The National Federation of Press Women joined other professional organizations in commenting on the proposed National Forest Service restrictions on filming and photography.
A portion of the comment states: The coalition of media groups listed below appreciate the opportunity to submit our comments in order to address the specific First Amendment-based concerns regarding the Forest Service proposal to incorporate interim directive (ID) 2709.11-2013.1 into Forest Service Handbook (FSH) 2709.11, chapter 40 to make permanent guidance for the evaluation of proposals for still photography and commercial filming on National Forest System Lands. While such guidance is intended to create consistent national criteria to evaluate requests for special use permits related to still photography and commercial filming in congressionally designated wilderness areas, we are gravely concerned that, as written, the final directive will still allow for uncertainty in the permitting process which, in turn, leads to abridgements of the First Amendment rights of the public and the press, some of which were identified in a letter sent to Forest Service Chief Thomas Tidwell on October 1, 2014 by several of those participating in these comments and others.
We are a coalition of media groups. Some of our organizations are membership organizations, with members including individual journalists, photojournalists, video producers, radio producers, as well as their editors, directors, publishers or corporate entities. Others are media outlets and organizations. Still others are non-member organizations who represent the interests of publications and outlets. All of us are dedicated to exercising and protecting our First Amendment rights as Americans to gather information and images related to matters of public concern and to communicate them to a larger public. We all feel strongly that the management, use, and enjoyment of public lands and resources should be subject to unfettered media coverage and public discussion.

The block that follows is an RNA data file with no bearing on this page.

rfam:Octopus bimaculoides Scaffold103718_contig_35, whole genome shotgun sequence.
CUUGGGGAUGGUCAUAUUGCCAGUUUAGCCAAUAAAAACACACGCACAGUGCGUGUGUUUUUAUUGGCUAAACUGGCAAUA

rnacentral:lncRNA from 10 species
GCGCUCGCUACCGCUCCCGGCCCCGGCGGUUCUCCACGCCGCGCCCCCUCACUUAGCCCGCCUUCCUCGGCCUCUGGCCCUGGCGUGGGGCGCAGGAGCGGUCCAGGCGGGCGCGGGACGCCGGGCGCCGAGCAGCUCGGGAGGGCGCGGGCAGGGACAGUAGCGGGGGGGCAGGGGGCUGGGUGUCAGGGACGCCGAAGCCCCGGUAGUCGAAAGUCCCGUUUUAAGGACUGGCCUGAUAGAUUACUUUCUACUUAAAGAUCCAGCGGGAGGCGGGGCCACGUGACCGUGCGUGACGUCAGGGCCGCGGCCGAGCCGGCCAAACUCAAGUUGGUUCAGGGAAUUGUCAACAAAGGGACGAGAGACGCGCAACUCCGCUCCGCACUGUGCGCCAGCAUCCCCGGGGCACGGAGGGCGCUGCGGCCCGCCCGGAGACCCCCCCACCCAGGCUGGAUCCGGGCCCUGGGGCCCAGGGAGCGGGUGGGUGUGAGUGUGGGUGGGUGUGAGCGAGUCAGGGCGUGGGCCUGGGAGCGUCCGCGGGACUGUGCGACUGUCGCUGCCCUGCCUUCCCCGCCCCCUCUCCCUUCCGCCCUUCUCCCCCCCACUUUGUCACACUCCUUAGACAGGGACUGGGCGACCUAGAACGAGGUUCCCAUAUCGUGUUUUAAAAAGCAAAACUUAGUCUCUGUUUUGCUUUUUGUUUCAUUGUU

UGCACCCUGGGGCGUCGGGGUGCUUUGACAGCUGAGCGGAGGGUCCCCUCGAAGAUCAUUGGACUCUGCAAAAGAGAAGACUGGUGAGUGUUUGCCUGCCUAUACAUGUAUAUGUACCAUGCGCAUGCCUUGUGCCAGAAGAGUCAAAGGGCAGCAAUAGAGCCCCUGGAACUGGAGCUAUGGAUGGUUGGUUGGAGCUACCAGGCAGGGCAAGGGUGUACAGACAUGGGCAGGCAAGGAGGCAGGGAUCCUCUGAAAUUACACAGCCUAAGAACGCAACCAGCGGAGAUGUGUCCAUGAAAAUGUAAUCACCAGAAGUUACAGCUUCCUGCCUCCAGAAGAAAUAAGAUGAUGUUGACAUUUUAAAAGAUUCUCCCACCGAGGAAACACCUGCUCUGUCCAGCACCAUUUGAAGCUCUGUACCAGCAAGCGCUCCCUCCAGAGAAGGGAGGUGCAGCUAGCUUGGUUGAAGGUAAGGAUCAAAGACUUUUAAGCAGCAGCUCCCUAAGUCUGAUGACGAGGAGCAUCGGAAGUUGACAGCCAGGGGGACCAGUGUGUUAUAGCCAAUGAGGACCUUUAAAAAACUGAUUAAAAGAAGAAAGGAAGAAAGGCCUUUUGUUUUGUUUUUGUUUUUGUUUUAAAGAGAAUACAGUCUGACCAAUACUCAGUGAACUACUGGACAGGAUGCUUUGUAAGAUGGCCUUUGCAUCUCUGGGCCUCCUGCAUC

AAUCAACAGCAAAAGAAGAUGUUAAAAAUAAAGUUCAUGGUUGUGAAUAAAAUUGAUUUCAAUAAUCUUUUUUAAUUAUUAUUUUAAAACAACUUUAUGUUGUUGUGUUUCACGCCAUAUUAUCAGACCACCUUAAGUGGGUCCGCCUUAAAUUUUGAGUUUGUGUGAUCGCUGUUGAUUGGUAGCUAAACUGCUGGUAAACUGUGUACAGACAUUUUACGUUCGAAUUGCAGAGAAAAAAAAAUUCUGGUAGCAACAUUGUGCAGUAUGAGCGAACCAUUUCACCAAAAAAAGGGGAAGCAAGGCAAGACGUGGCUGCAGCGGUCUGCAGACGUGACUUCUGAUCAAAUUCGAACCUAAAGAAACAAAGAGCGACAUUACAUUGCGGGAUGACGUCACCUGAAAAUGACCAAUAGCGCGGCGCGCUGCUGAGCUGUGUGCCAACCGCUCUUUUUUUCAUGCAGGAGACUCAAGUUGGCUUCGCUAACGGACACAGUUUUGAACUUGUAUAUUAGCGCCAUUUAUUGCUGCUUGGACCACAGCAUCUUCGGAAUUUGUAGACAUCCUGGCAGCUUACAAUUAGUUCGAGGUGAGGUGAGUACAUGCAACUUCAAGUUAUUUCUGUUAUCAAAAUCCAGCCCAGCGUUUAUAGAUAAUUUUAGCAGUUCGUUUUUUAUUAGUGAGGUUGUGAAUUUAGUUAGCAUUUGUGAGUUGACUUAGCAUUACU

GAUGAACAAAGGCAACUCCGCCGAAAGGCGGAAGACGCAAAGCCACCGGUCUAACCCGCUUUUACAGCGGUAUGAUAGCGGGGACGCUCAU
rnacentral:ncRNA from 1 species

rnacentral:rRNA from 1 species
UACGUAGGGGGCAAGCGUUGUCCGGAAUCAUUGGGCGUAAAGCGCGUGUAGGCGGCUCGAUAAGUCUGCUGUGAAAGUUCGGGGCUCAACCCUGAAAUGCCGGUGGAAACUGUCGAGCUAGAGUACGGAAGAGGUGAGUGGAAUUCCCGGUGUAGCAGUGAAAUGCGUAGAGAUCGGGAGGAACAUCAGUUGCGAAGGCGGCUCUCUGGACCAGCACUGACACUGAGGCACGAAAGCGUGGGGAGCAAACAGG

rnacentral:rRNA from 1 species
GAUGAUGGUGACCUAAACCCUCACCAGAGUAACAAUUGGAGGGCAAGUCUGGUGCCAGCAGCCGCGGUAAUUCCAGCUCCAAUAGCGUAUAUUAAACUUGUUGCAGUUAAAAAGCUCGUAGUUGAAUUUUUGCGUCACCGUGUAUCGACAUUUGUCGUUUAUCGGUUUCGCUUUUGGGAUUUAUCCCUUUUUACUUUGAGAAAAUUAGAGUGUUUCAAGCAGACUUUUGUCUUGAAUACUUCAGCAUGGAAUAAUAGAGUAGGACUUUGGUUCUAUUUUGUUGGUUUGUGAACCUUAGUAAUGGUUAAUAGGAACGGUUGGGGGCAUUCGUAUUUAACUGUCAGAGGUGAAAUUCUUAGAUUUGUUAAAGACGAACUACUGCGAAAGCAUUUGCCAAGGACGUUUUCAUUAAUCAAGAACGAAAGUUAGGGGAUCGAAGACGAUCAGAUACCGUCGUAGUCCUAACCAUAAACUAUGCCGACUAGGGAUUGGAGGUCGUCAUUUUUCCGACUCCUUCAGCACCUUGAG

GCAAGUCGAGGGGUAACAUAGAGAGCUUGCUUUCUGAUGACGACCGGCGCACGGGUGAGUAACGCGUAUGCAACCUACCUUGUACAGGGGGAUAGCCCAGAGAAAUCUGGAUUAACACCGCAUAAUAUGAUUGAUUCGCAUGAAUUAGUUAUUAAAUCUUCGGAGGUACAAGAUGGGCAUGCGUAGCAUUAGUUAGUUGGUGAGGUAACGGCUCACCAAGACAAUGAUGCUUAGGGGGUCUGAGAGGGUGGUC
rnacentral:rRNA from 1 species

Many of these organizations and/or the entities they represent also engage in significant coverage of issues regarding public lands and the outdoors. Therefore, we share the Forest Service's interest in ensuring the continued enjoyment of these areas and their resources by all.
Organizations in our coalition include: American Society of Media Photographers, American Society of News Editors, Associated Press Media Editors, Associated Press Photo Managers, Association of Alternative Newsmedia, Digital Media Licensing Association, National Federation of Press Women, National Press Photographers Association, Newspaper Association of America, Radio Television Digital News Association, Reporters Committee For Freedom of the Press, Society of Environmental Journalists, Society of Professional Journalists, The National Press Club, and White House News Photographers Association.
For questions about First Amendment Network, contact NFPW co-leads Marsha Shuler or Angela Smith.
NFPW Resolution On Violence Against Journalists
What are those First Amendment rights?
Glad you asked! Just to refresh your memory, they are:
- Freedom of the press
- Freedom of speech
- Freedom of religion
- Freedom to assemble
- Freedom to petition the government
September 7, 2014
Greenville, South Carolina
WHEREAS, being a journalist in places of world conflict means putting one's life in danger every day for informing the public;
And whereas, the imprisonment, torture and execution of American and international journalists in recent months shocks the conscience and compels the condemnation by all in the civilized world of those who target journalists for doing their jobs;
And whereas 34 journalists have been killed just in 2014, including Steven Sotloff and James Foley, victims of the terrorist group ISIS;
And whereas the role of journalists in explaining the disputes and grievances that lead to conflict and violence is an indispensable ingredient for world justice and peace;
NOW THEREFORE BE IT RESOLVED that the National Federation of Press Women (NFPW) abhors all violence against working journalists and calls upon the nations of the world to recognize freedom of the press and the transparency it provides.